In my research group, we like to work together with researchers in different disciplines. What is so nice about the Utrecht Bioinformatics Center is that it focuses on information driven research. Within the UBC we can easily meet with people who may have similar questions that we have in proteomics, but study genomics, metabolomics and bioinformatics. The UBC community is exactly what a successful data driven Life Scientist needs.
Too curious for one research question
How does Albert find a clue to new knowledge to make that big step forward? ‘First of all, I am a technology oriented person. That means that I do not focus on one biological research question, I am too curious for that. I sort of jump from one research question to the other. It is interesting to look at an old problem that people think is all solved. If you look at it with a new tool you’ll find new things and understand that nature is slightly different or even completely different from what we thought before. I feel excitation when we have new tools developed, for instance to look at protein phosphorisation. Ten years ago this was very difficult and the interesting thing is that we have a new technical tool which makes it very easy. Then I make a side step and try to use that same method to look at how cells are reprogrammed from stem cells to differentiated cells and I also try to find out how grass adepts to salt or how bacteria adept from night to day.And then it does not matter that much what the question is, you always learn more about how the world around us functions at a molecular level.’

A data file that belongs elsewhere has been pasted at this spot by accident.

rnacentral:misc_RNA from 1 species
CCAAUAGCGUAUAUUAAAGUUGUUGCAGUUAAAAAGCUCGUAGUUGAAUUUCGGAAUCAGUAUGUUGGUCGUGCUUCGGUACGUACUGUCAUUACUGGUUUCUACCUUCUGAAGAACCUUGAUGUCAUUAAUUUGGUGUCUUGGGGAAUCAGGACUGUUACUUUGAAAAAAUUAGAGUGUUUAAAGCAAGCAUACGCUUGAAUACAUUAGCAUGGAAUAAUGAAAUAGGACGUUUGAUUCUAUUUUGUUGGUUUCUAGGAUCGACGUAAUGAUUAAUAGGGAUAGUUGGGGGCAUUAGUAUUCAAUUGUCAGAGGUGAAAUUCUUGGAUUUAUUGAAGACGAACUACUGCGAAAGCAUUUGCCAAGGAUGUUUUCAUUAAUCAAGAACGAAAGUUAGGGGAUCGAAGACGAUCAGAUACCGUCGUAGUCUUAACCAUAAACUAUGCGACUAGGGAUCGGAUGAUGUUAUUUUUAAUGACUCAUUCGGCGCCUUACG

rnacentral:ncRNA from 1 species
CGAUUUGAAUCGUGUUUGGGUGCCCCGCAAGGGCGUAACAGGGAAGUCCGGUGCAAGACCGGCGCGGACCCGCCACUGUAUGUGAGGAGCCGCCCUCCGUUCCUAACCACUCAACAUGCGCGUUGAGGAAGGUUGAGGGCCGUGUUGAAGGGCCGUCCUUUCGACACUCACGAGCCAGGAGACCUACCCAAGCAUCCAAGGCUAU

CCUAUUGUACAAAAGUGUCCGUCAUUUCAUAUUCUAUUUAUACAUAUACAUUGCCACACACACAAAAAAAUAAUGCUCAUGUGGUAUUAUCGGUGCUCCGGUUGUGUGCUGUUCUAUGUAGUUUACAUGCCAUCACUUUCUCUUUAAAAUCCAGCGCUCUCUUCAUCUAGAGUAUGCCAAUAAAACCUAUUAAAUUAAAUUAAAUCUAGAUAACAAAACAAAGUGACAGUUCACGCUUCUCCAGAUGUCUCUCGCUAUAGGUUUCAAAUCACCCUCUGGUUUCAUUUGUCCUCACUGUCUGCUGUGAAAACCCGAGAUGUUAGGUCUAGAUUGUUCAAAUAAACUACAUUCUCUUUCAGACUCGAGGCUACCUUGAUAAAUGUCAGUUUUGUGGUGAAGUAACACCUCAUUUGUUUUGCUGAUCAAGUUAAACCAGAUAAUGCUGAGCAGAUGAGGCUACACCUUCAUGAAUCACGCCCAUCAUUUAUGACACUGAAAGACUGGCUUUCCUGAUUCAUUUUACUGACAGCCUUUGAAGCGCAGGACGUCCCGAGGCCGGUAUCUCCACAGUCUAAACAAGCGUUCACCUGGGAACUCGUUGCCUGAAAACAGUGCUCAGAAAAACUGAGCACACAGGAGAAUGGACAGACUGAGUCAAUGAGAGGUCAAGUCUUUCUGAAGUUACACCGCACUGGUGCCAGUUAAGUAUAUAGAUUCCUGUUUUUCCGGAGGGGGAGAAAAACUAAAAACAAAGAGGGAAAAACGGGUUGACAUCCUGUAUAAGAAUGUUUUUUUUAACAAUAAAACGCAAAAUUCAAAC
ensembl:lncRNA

Reach out for the uneasy
What drives Albert, resulting in such a successful career?
‘To young scientists and students my advice is to not give up quickly. Reach out for the thing that makes it easy to work hard for and probably seems uneasy to obtain. Too many people want the term at the end of the day. They want to be successful in the afternoon. I think it’s way more rewarding if you have to work for something for six months or even five years and you get a big benefit. That is so much better than being disappointed at the end of a day because a small thing you tried to achieve didn’t work.
So I think you do not have to define your own goals. Just go for the opportunities that are out there, and when you do go for it with your whole heart and trust your gut feeling. For me this worked out great. I am a very happy man.’